> keys or mouse actions that the user uses during that minibuffer dialog.  
> all I meant.

I'm afraid this gets too complicated for me.  You have to find someone
who understands such scenarios better than me.

>>  > I do not expect that the problematic use case we've been
>>  > discussing can be detected and dealt with correctly in an
>>  > automatic way.  If the programmer intention
>> Who is the programmer here?
> The person who writes the code that reads from the minibuffer, code that might
> or might not be wrapped in the new macro, i.e., that might or might not want 
> stipulate that BUFFER is not to receive the input focus.

The person who writes that code expects `yes-or-no-p' DTRT.

>> I refer to the case where a minibuffer-equipped frame is popped up.
> I'd rather you didn't.  Let's not bring in new things.

Users with non-nil `pop-up-frames' who don't use minibuffer-only frames
do get a minibuffer-equipped frame popped up.  You can ignore them, I
can't.  And a user who excludes BUFFER from the list of specially
displayed buffers does a perfectly valid thing and can expect Emacs to
handle it as it currently does.

> I don't know.  The only problems I am aware of for `w-t-b-w.el' are these:
> 1. Loss of special-displayness (a separate problem, but important if we're
> talking about `w-t-b-w.el' as it stands now).
> 2. The fact that it limits itself to display of temporary buffers, whereas the
> actual problem has to do with the temporary display of buffers.

Because I can safely kill a temporary buffer and remove its frame when
I'm done with the dialog.

> And as far as you know, is the fact that the minibuffer frame is still used 
> it should be) due only to the fact that `yes-or-no-p' is used, or can I expect
> that the minibuffer frame will be used in general?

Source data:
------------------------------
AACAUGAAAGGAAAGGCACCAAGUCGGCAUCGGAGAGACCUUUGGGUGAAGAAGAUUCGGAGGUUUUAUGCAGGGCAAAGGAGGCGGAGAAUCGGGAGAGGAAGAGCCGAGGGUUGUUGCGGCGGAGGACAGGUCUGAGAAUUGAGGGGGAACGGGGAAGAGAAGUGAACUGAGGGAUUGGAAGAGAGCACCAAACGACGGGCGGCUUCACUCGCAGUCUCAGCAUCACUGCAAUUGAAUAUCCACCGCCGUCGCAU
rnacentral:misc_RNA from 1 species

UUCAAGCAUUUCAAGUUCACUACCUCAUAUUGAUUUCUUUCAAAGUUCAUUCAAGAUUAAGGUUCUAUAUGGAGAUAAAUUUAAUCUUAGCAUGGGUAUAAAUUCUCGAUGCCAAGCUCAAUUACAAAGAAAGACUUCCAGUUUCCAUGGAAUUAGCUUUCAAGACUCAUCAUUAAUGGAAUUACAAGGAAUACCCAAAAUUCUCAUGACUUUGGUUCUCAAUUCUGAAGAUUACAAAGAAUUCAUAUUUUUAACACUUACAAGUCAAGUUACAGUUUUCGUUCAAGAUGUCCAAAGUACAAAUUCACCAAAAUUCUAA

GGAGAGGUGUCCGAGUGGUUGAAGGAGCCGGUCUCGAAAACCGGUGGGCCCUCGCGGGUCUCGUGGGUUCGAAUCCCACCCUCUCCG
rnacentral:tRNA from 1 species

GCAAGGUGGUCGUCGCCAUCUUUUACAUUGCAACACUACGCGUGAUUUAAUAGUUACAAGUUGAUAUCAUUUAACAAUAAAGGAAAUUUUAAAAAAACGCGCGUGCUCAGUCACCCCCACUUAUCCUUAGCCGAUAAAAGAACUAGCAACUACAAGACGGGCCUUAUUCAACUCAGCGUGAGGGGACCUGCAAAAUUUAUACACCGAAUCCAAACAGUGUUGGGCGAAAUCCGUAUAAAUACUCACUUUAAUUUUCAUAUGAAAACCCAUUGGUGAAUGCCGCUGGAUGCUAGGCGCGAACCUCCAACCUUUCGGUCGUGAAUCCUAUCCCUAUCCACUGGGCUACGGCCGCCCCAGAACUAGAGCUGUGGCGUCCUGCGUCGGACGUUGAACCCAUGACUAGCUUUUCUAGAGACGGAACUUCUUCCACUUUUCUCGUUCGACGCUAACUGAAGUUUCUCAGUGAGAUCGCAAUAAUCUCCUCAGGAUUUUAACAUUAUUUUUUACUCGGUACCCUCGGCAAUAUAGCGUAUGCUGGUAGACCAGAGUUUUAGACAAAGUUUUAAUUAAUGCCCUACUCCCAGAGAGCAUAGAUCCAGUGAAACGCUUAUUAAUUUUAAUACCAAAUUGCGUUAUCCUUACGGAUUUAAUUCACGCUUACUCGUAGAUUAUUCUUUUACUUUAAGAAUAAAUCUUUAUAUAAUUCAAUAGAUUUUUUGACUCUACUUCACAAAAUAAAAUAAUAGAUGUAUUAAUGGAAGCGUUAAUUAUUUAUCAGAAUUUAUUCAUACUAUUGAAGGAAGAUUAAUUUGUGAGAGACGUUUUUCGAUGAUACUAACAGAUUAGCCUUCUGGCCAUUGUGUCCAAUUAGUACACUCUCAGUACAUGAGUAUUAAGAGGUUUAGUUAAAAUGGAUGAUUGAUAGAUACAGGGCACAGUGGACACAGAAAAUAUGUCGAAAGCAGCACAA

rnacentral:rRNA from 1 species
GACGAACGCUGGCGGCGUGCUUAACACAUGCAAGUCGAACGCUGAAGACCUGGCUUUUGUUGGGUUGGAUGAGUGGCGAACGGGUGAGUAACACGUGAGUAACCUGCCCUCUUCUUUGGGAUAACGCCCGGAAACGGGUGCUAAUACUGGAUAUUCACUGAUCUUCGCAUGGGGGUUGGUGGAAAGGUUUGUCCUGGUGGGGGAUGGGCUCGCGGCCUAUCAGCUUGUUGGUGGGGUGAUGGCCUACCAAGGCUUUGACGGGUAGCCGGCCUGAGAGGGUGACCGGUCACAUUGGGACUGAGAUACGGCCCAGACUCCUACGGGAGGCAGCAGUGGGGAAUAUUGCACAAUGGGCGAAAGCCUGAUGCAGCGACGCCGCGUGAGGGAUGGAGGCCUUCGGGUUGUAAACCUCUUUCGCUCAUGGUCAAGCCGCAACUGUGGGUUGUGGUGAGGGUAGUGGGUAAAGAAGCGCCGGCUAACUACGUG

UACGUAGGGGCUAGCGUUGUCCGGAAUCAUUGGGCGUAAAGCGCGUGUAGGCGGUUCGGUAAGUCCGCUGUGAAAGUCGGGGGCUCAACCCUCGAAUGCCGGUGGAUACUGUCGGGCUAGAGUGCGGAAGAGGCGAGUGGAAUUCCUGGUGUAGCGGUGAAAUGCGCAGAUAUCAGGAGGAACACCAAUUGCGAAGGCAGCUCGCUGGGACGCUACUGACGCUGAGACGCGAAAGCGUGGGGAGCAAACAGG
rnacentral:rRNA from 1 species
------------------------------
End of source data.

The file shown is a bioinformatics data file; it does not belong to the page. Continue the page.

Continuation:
Due to the fact that `yes-or-no-p' is called in a special way - with the
new window selected.

>>  >> `with-temp-buffer-window' avoids that by asking the
>>  >> `yes-or-no-p' question in the new frame.
> Dunno why I (or was it you?) said that.  I see the question in the minibuffer
> frame, not the new frame.  Which is TRT.

To "see the question in the minibuffer frame" I ask it in the new frame.

> Yes, it is more restrictive than the actual problem encountered.  As I said, 
> might suffice in practice, but there is nothing in the problem description 
> requires that the buffer itself be temporary.

I have to kill the buffer to remove the frame.  And I have to remove the
frame because you complained that `save-window-excursion' cannot remove
a popped up frame.  And I can't kill a non-temporary buffer.

>> The invoking code does not care.  It expects `display-buffer' and
>> `yes-or-no-p' to take care of this.
> In the general case it is not `yes-or-no-p'.

It can do anything that reads from the minibuffer.

> The informational frame?  I'd vote for `delete-frame', at least for my own 
> We might want to provide ways for the caller and/or the user to control both
> what to do with the frame/window and what to do with the buffer.  But maybe
> `frame-auto-hide-function' would make sense here?

If we use `frame-auto-hide-function', the caller does not have to kill
the buffer and there's no need to make this construct work for temporary
buffers only.

> Anyway, let's talk about this later.

It's your choice.